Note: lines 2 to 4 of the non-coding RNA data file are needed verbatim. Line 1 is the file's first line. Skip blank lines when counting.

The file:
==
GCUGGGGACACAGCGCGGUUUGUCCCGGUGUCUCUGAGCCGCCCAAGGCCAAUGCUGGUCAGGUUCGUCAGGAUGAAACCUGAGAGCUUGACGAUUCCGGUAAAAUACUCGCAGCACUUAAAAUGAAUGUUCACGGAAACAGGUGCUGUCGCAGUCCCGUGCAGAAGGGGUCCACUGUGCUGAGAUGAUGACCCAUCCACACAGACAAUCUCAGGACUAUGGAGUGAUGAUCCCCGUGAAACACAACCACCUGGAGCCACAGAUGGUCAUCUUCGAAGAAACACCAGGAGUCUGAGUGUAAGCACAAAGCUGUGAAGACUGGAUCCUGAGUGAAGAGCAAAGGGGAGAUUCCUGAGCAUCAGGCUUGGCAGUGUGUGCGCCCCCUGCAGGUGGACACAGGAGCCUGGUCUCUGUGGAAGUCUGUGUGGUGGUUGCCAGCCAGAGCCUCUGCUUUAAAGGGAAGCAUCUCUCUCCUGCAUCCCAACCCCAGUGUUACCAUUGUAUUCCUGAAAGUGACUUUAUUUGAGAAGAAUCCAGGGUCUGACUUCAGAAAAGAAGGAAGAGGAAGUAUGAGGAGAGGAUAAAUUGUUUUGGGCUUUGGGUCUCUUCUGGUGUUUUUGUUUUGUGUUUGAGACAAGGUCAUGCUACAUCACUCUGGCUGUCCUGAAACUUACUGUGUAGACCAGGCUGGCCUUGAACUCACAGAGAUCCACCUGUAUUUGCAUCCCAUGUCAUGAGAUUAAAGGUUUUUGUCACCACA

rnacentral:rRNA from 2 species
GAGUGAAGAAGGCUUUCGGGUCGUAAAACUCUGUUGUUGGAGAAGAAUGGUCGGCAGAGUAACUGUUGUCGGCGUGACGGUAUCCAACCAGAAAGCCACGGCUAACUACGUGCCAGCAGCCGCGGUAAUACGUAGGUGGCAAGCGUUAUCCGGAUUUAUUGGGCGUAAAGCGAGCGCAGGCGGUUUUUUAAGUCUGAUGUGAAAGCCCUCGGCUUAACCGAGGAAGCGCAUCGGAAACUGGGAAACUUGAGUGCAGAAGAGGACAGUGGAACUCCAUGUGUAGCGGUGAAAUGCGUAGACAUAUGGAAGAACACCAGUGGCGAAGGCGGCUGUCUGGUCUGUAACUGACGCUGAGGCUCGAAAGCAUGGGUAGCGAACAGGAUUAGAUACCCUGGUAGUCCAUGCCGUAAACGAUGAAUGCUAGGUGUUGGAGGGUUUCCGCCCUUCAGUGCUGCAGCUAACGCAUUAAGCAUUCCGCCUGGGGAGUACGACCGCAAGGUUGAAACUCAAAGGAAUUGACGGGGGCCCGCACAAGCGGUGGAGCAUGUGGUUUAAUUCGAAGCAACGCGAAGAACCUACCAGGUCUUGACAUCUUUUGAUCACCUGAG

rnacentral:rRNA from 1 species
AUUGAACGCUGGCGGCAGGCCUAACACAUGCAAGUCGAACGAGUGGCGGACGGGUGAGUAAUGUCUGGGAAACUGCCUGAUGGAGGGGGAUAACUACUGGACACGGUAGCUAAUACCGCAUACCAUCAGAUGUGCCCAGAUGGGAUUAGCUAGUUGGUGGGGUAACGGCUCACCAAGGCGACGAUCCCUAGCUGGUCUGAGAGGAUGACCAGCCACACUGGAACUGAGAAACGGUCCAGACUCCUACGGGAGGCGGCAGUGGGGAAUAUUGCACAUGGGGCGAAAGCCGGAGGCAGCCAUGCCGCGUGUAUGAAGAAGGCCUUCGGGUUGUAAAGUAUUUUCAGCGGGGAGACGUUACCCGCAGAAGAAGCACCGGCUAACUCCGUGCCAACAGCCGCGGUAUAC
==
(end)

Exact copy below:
rnacentral:rRNA from 2 species
GAGUGAAGAAGGCUUUCGGGUCGUAAAACUCUGUUGUUGGAGAAGAAUGGUCGGCAGAGUAACUGUUGUCGGCGUGACGGUAUCCAACCAGAAAGCCACGGCUAACUACGUGCCAGCAGCCGCGGUAAUACGUAGGUGGCAAGCGUUAUCCGGAUUUAUUGGGCGUAAAGCGAGCGCAGGCGGUUUUUUAAGUCUGAUGUGAAAGCCCUCGGCUUAACCGAGGAAGCGCAUCGGAAACUGGGAAACUUGAGUGCAGAAGAGGACAGUGGAACUCCAUGUGUAGCGGUGAAAUGCGUAGACAUAUGGAAGAACACCAGUGGCGAAGGCGGCUGUCUGGUCUGUAACUGACGCUGAGGCUCGAAAGCAUGGGUAGCGAACAGGAUUAGAUACCCUGGUAGUCCAUGCCGUAAACGAUGAAUGCUAGGUGUUGGAGGGUUUCCGCCCUUCAGUGCUGCAGCUAACGCAUUAAGCAUUCCGCCUGGGGAGUACGACCGCAAGGUUGAAACUCAAAGGAAUUGACGGGGGCCCGCACAAGCGGUGGAGCAUGUGGUUUAAUUCGAAGCAACGCGAAGAACCUACCAGGUCUUGACAUCUUUUGAUCACCUGAG

rnacentral:rRNA from 1 species